Disneyland could flood from local dam failure after next huge storm

in Disney, Disneyland Resort, Theme Parks

Credit: Disney, Allen J. Schaben / Los Angeles Times

The Happiest Place On Earth may not be too safe from summer storms. Federal engineers are saying that a local dam could face significant damage if another huge storm hits southern California, leaving Disneyland Resort and several other communities in danger of flooding.

LA Times reports that earlier this month, the 78-year-old Prado Dam was assessed by government officials and engineers. And after taking a look at the aging structure, the U.S. Army Corps of Engineers raised the dam’s risk category from “moderate” to “high urgency.” This means that the next “significant flood event” could potentially breach the Prado Dam’s spillway, thereby possibly flooding local Riverside and Orange County communities from Disneyland Resort in Anaheim all the way to Newport Beach.

Prado Dam
Credit: Allen J. Schaben / Los Angeles Times

The Prado Dam is located adjacent to the 91 Freeway nearby Riverside and Orange counties. For most of the year, the dam holds little to no water. But during significantly rainy seasons or in times of damaging storms, the structure is intended to collect water and prevent flooding along the Santa Ana River, which runs throughout southern California. If nearly-100-year-old structure breaks or is badly damaged in the next big rain storm, the consequences could be dire.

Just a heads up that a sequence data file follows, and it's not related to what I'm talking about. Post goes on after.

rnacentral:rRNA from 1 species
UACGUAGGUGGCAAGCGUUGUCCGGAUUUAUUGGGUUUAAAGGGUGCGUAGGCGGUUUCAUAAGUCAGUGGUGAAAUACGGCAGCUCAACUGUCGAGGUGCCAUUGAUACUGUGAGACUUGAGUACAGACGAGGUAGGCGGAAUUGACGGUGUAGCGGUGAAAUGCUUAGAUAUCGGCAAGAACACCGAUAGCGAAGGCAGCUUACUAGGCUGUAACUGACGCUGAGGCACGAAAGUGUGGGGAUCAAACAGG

“Our concern right now is about the concrete slab of the spillway and how well it will perform if water were to spill over the top of the dam,” said Lillian Doherty, the Army Corps’ division chief. “We will determine whether or not it is as reliable as it should be.”

Map of Prado Dam
Credit: LA Times

So what does this mean for Disneyland and the surrounding communities? The U.S. Army Corps of Engineers is currently working on interim and permanent risk-reduction measures at the Prado Dam, as well as public outreach strategies to alert the approximate 1.4 million people who live and work in 29 communities downstream of the Santa Ana River, the area that would potentially be affected by the flooding. Currently, the Prado Dam is fully functional, although it’s still considered high risk for damages.

“Corps staff is routinely on-site at Prado Dam to operate and monitor the dam during rain events,” said spokeswoman Dena O’Dell. “The Corps’ assessment of the dam doesn’t mean that failure is taking place; it means the agency has identified performance concerns that require attention to meet the corps’ rigorous dam safety standards.”

While there is a risk for flooding, only time will tell the consequences. But just as Disneyland Resort is committed to keeping its guests safe, the Army Corps is also committed to keeping the southern California communities safe from potential flooding. For now, we’ll keep you updated on the status of the dam and surrounding communities as this story develops.

Source: LA Times

3 Comments

  1. Avatar

    Zed

    Did you failed geography who wrote this? Half of Orange County would have the flood first before it hit Disneyland.

  2. Avatar

    Julie Tucker

    The Prado dam was built in ’36 to 40. Wont the freeways stop some of the water. the 91 the 5 and 22 . Exactly where would the water go now that the freeways are built?

  3. Avatar

    Shon Christy

    Even IF the water from the Dam (23+ miles away) made it through the multiple cities and communities , past the 3+ freeway interchanges, flood control areas and other obstacles to get NEAR the Disneyland Resort, it would still have to travel 4 miles, North – BACKWARD UPHILL – to get near the resort property. Does Chicken Little mean anything to you.

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